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Elastic recoil detection analysis of ferroelectric films

Abstract

There has been considerable progress in developing SrBi{sub 2}Ta{sub 2}O{sub 9} (SBT) and Ba{sub O.7}Sr{sub O.3}TiO{sub 3} (BST) ferroelectric films for use as nonvolatile memory chips and for capacitors in dynamic random access memories (DRAMs). Ferroelectric materials have a very large dielectric constant ( {approx} 1000), approximately one hundred times greater than that of silicon dioxide. Devices made from these materials have been known to experience breakdown after a repeated voltage pulsing. It has been suggested that this is related to stoichiometric changes within the material. To accurately characterise these materials Elastic Recoil Detection Analysis (ERDA) is being developed. This technique employs a high energy heavy ion beam to eject nuclei from the target and uses a time of flight and energy dispersive (ToF-E) detector telescope to detect these nuclei. The recoil nuclei carry both energy and mass information which enables the determination of separate energy spectra for individual elements or for small groups of elements In this work ERDA employing 77 MeV {sup 127}I ions has been used to analyse Strontium Bismuth Tantalate thin films at the heavy ion recoil facility at ANSTO, Lucas Heights. 9 refs., 5 figs.
Authors:
Stannard, W B; Johnston, P N; Walker, S R; Bubb, I F; [1]  Scott, J F; [2]  Cohen, D D; Dytlewski, N [3] 
  1. Royal Melbourne Inst. of Tech., VIC (Australia)
  2. New South Wales Univ., Kensington, NSW (Australia)
  3. Australian Nuclear Science and Technology Organisation, Lucas Heights, NSW (Australia)
Publication Date:
Dec 31, 1996
Product Type:
Miscellaneous
Report Number:
INIS-AU-0003; CONF-9511295-
Reference Number:
SCA: 661300; 665100; PA: AIX-28:057668; EDB-97:122058; SN: 97001841827
Resource Relation:
Conference: 9. Australian conference on nuclear technique of analysis, Newcastle (Australia), 27-29 Nov 1995; Other Information: PBD: [1996]; Related Information: Is Part Of 9th Australian conference on nuclear techniques of analysis. Proceedings; PB: 186 p.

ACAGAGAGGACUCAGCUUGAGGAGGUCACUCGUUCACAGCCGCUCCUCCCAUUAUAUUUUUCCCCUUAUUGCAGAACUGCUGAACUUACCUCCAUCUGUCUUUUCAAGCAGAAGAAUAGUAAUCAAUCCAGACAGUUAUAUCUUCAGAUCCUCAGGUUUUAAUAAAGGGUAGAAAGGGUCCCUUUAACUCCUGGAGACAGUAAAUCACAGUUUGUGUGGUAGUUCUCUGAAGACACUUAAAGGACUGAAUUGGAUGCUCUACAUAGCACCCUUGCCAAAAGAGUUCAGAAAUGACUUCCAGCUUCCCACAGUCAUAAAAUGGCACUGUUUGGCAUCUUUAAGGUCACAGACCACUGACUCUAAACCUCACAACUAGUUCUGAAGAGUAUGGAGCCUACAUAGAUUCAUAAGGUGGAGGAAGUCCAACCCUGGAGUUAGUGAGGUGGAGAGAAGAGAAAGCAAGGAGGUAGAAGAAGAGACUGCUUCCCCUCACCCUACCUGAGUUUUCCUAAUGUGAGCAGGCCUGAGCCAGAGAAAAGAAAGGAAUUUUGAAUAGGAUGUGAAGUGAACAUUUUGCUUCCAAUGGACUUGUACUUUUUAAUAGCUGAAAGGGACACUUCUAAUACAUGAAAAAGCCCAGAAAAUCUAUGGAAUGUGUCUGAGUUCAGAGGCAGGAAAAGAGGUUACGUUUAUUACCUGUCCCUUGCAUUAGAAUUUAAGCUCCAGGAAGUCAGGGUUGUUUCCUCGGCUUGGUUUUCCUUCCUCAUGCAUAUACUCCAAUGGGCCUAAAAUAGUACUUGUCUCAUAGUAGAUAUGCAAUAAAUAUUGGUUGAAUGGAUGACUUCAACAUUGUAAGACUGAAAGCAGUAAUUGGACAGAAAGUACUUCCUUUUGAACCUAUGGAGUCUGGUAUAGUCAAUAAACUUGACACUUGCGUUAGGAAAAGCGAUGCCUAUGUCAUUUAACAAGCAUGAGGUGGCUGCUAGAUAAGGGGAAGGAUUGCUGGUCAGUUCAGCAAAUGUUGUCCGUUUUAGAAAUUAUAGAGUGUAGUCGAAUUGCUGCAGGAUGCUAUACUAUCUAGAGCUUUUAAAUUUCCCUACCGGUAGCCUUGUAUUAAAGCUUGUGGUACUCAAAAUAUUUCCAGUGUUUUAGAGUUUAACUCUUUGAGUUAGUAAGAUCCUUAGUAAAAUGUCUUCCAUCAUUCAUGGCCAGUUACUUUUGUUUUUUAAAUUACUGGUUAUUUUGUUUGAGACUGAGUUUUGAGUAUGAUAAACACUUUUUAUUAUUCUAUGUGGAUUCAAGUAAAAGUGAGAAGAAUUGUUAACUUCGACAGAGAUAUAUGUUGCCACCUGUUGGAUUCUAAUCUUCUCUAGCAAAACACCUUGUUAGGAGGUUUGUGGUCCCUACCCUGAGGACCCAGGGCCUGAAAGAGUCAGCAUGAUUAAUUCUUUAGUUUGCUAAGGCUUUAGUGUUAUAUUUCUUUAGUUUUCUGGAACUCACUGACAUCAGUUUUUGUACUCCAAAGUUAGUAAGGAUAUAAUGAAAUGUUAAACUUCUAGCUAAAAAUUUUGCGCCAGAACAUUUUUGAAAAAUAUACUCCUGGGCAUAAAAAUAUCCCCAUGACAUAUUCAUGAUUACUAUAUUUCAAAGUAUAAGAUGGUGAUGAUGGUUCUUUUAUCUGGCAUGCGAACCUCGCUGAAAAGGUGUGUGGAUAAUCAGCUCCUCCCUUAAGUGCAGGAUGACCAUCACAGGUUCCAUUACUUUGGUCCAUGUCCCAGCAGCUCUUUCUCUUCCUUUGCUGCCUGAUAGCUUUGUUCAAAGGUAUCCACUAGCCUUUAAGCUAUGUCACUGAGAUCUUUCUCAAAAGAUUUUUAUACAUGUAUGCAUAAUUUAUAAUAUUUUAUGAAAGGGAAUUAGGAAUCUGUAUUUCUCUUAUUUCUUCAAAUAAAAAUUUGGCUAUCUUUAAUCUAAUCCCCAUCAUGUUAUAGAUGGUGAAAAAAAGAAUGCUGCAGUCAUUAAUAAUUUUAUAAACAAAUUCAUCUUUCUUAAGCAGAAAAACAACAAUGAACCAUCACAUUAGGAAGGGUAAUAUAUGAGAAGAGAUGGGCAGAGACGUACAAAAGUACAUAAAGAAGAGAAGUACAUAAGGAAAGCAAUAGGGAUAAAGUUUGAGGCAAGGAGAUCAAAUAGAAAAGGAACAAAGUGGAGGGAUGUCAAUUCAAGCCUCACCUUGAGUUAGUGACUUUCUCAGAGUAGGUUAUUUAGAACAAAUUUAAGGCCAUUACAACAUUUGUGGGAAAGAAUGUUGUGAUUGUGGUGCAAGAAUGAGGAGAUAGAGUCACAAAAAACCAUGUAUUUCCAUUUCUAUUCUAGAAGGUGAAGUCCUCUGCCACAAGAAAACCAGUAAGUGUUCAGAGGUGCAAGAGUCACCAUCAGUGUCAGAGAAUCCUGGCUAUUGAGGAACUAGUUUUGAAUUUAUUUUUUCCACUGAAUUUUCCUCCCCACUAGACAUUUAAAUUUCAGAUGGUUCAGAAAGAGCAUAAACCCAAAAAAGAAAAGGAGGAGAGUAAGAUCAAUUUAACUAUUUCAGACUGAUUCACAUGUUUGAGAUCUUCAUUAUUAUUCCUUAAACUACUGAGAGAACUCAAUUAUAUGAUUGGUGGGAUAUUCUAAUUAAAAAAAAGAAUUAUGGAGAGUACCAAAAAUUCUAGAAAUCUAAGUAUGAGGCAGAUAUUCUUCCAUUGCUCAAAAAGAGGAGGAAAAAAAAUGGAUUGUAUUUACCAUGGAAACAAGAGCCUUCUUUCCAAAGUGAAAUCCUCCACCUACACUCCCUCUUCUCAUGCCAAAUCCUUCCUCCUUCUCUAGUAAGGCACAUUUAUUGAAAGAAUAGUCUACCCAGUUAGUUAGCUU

Subject:
66 PHYSICS; FERROELECTRIC MATERIALS; ION SCATTERING ANALYSIS; CALIBRATION; ELASTIC SCATTERING; EXPERIMENTAL DATA; IODINE 127; MEV RANGE 10-100; QUANTITATIVE CHEMICAL ANALYSIS; RECOILS; TANTALUM COMPOUNDS; THIN FILMS; TIME-OF-FLIGHT METHOD; TITANIUM COMPOUNDS
Sponsoring Organizations:
Australian Research Council, Canberra, ACT (Australia); Australian Inst. of Nuclear Science and Engineering, Lucas Heights, NSW (Australia)
OSTI ID:
520550
Research Organizations:
Australian Inst. of Nuclear Science and Engineering, Lucas Heights, NSW (Australia)
Country of Origin:
Australia
Language:
English
Other Identifying Numbers:
Other: ON: DE97638268; TRN: AU9716170057668
Availability:
INIS; OSTI as DE97638268
Submitting Site:
AUN
Size:
pp. 85-87
Announcement Date:

Citation Formats

Stannard, W B, Johnston, P N, Walker, S R, Bubb, I F, Scott, J F, Cohen, D D, and Dytlewski, N. Elastic recoil detection analysis of ferroelectric films. Australia: N. p., 1996. Web.
Stannard, W B, Johnston, P N, Walker, S R, Bubb, I F, Scott, J F, Cohen, D D, & Dytlewski, N. Elastic recoil detection analysis of ferroelectric films. Australia.
Stannard, W B, Johnston, P N, Walker, S R, Bubb, I F, Scott, J F, Cohen, D D, and Dytlewski, N. 1996. "Elastic recoil detection analysis of ferroelectric films." Australia.
@misc{etde_520550,
title = {Elastic recoil detection analysis of ferroelectric films}
author = {Stannard, W B, Johnston, P N, Walker, S R, Bubb, I F, Scott, J F, Cohen, D D, and Dytlewski, N}
abstractNote = {There has been considerable progress in developing SrBi{sub 2}Ta{sub 2}O{sub 9} (SBT) and Ba{sub O.7}Sr{sub O.3}TiO{sub 3} (BST) ferroelectric films for use as nonvolatile memory chips and for capacitors in dynamic random access memories (DRAMs). Ferroelectric materials have a very large dielectric constant ( {approx} 1000), approximately one hundred times greater than that of silicon dioxide. Devices made from these materials have been known to experience breakdown after a repeated voltage pulsing. It has been suggested that this is related to stoichiometric changes within the material. To accurately characterise these materials Elastic Recoil Detection Analysis (ERDA) is being developed. This technique employs a high energy heavy ion beam to eject nuclei from the target and uses a time of flight and energy dispersive (ToF-E) detector telescope to detect these nuclei. The recoil nuclei carry both energy and mass information which enables the determination of separate energy spectra for individual elements or for small groups of elements In this work ERDA employing 77 MeV {sup 127}I ions has been used to analyse Strontium Bismuth Tantalate thin films at the heavy ion recoil facility at ANSTO, Lucas Heights. 9 refs., 5 figs.}
place = {Australia}
year = {1996}
month = {Dec}
}